Still warm, goodbye lunch with a friend today, night off, feeling like stripes. The beige three quarter sleeved jersey top with black, red and sand brown (oooh, look at me, identifying tones, it’s all in the details) stripes. I haven’t been a stripes girl for a long time, but living in a city famous for its harbor can change one’s mind. But no polka dots! And when I think stripes, I think sailor, and then of Popeye, and inevitably of one boy in my class when I was seven years old. He would swallow enormous amounts of spinach (dark green goo back then, but I’m wiser now) during lunchtime, almost emptying the aluminum foil container from the cafeteria by himself, and then declare he was Popeye. I had a crush on him and fancied myself his Olive Oyl for a while, but the spinach factor made it a love-hate relationship.

Flared midi denim skirt! You can never go wrong with denim, and it’s still long enough so that I’ll be able to catch it before it flies up in that beloved, but at times pesky Elbe breeze. Fire engine red tights and most likely the heeled black ankle boots from yesterday. Dark gold leaf earrings and a ring to match – done!

“I’m Popeye the sailor man!” Damn.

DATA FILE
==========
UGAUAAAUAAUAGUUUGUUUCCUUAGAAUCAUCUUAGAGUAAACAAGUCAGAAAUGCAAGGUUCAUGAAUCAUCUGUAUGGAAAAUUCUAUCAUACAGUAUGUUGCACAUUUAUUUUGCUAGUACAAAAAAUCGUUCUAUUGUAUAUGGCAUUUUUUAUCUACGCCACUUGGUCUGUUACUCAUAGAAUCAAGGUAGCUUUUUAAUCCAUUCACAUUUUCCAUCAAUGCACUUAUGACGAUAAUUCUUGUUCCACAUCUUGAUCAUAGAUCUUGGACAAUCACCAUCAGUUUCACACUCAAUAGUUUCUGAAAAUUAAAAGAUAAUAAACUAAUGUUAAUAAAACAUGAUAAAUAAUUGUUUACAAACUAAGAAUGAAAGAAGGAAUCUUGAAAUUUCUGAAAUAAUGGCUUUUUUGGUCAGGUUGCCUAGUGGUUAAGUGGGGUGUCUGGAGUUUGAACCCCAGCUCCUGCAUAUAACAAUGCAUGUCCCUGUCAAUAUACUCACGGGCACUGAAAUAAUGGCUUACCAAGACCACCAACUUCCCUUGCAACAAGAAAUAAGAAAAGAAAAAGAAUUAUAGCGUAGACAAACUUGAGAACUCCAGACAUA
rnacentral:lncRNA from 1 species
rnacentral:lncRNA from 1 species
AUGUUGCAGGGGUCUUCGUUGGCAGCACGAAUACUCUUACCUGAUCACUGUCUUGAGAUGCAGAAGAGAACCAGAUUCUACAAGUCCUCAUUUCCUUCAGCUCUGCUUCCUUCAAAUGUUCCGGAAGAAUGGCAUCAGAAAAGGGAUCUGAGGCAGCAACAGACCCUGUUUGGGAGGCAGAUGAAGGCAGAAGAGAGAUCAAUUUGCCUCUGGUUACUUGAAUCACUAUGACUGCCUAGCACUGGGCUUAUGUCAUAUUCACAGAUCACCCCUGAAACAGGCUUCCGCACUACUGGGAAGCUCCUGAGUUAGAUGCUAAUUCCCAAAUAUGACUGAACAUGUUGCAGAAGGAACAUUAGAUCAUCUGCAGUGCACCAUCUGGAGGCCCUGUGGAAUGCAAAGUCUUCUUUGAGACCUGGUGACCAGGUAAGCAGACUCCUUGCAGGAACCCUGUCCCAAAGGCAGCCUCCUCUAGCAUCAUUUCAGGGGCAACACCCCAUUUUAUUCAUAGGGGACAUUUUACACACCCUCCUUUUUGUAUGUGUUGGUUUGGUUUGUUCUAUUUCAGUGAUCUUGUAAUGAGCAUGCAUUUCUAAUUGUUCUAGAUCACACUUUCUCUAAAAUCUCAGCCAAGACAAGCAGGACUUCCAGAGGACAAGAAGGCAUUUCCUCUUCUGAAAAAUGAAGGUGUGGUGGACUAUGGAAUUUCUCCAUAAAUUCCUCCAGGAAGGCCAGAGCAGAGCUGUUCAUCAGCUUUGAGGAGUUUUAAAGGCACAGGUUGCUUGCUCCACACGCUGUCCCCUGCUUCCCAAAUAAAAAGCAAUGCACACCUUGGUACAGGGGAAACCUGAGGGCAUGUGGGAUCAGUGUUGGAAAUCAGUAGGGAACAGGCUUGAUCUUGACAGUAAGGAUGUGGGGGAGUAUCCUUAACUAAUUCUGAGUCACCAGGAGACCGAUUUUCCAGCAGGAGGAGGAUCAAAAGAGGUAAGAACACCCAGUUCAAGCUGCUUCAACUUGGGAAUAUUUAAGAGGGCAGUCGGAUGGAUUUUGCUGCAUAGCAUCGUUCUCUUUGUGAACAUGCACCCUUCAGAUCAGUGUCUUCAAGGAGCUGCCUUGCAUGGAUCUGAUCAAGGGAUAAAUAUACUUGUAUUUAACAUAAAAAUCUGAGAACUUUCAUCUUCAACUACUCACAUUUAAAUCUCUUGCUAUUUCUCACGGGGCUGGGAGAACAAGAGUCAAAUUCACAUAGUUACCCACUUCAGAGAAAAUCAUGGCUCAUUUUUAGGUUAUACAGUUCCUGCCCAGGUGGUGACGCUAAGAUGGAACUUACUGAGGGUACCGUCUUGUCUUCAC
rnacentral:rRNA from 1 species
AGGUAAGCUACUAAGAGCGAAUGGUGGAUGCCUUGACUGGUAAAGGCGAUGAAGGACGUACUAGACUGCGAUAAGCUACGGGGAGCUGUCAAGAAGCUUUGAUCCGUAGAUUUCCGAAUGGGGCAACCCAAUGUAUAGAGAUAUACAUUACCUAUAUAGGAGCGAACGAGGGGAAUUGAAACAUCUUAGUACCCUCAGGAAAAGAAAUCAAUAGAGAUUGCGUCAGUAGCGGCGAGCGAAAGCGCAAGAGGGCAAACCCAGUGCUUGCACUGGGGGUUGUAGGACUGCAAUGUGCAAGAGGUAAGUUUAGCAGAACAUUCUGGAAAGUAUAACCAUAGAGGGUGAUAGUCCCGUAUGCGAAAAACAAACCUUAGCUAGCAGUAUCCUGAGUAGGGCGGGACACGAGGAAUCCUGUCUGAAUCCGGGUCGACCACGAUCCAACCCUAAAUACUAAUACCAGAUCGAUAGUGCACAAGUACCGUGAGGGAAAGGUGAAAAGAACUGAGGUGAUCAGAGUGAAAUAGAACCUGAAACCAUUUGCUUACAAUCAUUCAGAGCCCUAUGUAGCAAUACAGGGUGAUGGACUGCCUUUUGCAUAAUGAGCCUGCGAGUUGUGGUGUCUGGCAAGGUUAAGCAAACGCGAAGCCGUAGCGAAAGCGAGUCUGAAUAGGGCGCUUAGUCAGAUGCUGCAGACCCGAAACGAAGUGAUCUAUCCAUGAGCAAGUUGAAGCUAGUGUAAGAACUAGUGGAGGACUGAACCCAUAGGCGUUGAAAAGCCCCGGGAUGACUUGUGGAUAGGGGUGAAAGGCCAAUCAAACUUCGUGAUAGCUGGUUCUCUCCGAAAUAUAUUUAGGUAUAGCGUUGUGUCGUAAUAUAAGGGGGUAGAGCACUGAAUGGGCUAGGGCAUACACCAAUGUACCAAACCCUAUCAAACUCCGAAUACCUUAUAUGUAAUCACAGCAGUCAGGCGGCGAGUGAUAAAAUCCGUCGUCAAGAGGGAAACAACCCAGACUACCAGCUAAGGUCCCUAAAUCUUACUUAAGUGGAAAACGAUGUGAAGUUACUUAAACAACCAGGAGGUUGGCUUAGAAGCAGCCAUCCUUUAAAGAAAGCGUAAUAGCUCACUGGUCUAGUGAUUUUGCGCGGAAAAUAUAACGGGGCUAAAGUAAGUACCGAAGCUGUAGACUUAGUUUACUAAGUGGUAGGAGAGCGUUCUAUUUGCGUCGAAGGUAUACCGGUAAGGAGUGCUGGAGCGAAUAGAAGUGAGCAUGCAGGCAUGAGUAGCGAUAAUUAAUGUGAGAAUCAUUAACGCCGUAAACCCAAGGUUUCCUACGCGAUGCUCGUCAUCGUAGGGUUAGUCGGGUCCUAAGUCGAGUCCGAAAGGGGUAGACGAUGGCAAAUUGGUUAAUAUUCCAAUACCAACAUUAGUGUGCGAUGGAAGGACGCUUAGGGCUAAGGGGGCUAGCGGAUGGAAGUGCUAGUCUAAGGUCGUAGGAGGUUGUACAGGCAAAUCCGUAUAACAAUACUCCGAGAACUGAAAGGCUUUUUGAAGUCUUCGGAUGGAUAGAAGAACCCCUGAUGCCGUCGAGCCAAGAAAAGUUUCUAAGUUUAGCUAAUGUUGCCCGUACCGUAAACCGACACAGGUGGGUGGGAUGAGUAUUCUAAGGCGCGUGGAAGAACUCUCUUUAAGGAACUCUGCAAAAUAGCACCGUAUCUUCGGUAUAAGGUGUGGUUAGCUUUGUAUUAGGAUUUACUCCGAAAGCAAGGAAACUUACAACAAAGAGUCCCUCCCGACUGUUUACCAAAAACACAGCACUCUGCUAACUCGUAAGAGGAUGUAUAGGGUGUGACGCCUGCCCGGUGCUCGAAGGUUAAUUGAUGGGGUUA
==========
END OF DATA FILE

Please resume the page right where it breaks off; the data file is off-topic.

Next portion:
What to Wear #2

Skirt weather, finally! The dark red pleated skirt, or jupe plissée (I did not look that up. And I knew where the accent went. And that there was one. And that it was l’accent aigu. Of course I did, who’s learning French here?!) It is nice to remember that I got it at a sale every time I look at it. I should just shop during sales when I shop for clothes. It simply makes sense. Or wear lots of stuff out first and then shop. That also makes sense.

The skirt shimmers a little when it catches the light, so the top should be matte. That thin short white sweater? No, too white against this dark red, I feel disbalanced. Although it goes very well with the swirling navy blue maxi skirt, wore that outfit to see Swan Lake last year. Can’t beat classical Russian ballet. The short black cardigan and the black shirt? No, I don’t feel like black. It’s not Wednesday and my last name is not Addams. Even if it matches everything. Ah, the short blush pink/old rose/ with beige undertones cardigan and the blush pink/old rose/ no beige undertones sleeveless top.